Missing rugs: Eways slips away
"They must have known they were in trouble," Marie Deans said when I told her Eways Carpet One had closed its doors. I'd been thinking the same thing– in fact, when she called, I'd been imagining a kind of financial mood ring that businesses could be made to display. If Eways had been equipped with such a warning device, Deans never would have entrusted her heirloom rug to the care of this business near Antiquer's Mall.
My column about Deans' debacle ["Pulled rug," March 4, 2004] closed with her intention to take Eways to court– and no one could accuse her of being impulsive.
Her story began in October 2002, when she took her rug, which was almost 60 years old and had been handmade by her great-aunt, to Eways and left it to be hand-cleaned and the edges repaired. She paid a 50 percent deposit of $111, and claims the salesman said they would try to have the rug ready by Christmas.
Beginning just before Christmas and continuing for the next year, Deans claims, she called the store numerous times and was repeatedly assured that the rug would be found and that someone would call her. But they didn't. Last June– eight months after she'd left the rug at Eways– she was startled to receive a bill for the second half of the deposit. Again, she called the store.
"When the woman asked if I hadn't picked up the rug," she says, "I explained that I'd been calling since December and had been told either that it wasn't ready or that someone would return my call." That call, she claims, was as nonproductive as all the others. She contacted me in late January for an investigation.
On the eve of my column's March 4 publication, Eways employee Vanessa Robertson called me to say that she thought she'd located the rug at a shop in Richmond, where it had supposedly been sent for repair, and that she intended to drive there the following day and retrieve it. Deans says that Robertson also called her to say that the rug had been found.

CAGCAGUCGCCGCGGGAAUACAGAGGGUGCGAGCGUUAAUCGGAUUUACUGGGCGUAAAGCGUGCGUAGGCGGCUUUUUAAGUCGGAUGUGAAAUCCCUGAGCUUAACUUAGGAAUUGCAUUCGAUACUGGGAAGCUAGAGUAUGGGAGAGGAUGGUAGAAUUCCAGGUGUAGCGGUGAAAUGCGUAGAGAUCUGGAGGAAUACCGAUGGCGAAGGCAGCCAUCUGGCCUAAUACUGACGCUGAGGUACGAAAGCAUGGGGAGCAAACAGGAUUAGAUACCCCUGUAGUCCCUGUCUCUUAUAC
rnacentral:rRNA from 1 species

But when Deans went to Eways on Saturday, April 3, she got a surprise: The rug was indeed there– but it had been neither cleaned nor repaired. According to Deans, Robertson promised to mail her a check for her $111 deposit on April 5. It never arrived.
"When you have a business and treat people that way," Deans remarks, "no wonder you close your doors."
Deans wasn't the only unhappy customer left in Eways' wake. Rochelle Garwood and her husband say they ordered carpeting for their family room last November– when the brand they wanted was on sale– and arranged to have it installed on March 11. Garwood emailed me what happened next.
"We had all our furniture moved out," she claims, "and March 11 came, and half of March 11 went, and no carpet installers. My husband called and was at first told that our salesman had retired and they couldn't find our paperwork. That was resolved, but then we were told they still hadn't ordered the carpet."
Garwood claims that Robertson and owner Bob Dumitru "stalled" them for a few days and declined to return their calls. Finally, Garwood went to the store, where, allegedly, Robertson told her that Dumitru had "messed up" Eways' account with the manufacturer, Mohawk. The situation, Robertson allegedly said, needed to be straightened out before Mohawk would release the carpet.
A few days later, she claims, Robertson told her that she "was investigating the possibility of obtaining the carpet from another source." The last update they got from Robertson, according to Garwood, was on April 1, when she stated that "a sample was on the way" and would arrive in a day or two. By the time Garwood emailed me on April 8, however, the store had closed down.
The good news for the Garwoods is that they hadn't paid any money yet; the bad news is that their family room's been in an upheaval for more than a month now, and they're back to square one with carpet.
Robertson declined to return my call, and Dumitru's voice mailbox is full. Deans, although she's lost countless hours and $111, has at least emerged with her rug intact– if still a bit unraveled.
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